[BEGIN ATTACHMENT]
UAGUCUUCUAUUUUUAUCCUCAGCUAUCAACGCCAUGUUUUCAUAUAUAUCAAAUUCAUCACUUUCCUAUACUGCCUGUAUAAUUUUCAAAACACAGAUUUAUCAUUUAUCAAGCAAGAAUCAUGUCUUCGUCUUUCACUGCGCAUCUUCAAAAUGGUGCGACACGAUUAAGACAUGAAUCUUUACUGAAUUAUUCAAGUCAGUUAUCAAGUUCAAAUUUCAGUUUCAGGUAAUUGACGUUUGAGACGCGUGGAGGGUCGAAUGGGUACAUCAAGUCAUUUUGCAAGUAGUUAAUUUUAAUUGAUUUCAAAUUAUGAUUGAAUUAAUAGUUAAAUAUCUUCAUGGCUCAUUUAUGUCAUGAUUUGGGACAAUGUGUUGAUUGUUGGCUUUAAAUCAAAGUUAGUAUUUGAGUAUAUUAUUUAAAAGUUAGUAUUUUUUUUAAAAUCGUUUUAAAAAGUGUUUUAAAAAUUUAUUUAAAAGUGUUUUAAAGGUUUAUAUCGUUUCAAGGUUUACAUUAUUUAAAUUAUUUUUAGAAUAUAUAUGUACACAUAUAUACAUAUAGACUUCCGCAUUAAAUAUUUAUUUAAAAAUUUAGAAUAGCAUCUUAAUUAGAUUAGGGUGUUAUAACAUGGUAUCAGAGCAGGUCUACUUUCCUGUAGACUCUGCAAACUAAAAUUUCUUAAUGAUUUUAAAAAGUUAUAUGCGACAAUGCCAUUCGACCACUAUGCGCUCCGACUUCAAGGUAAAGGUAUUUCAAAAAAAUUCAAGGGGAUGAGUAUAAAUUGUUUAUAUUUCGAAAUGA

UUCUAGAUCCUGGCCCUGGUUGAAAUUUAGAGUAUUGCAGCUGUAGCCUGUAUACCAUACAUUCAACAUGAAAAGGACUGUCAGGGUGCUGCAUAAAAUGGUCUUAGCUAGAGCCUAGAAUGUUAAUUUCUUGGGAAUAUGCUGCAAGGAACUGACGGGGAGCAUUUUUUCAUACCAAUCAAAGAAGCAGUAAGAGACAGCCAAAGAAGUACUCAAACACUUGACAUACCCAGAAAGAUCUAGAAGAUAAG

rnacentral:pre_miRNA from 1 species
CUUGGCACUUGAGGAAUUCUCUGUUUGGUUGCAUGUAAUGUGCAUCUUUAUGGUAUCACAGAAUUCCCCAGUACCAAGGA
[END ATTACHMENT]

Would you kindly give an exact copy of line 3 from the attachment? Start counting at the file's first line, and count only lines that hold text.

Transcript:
rnacentral:pre_miRNA from 1 species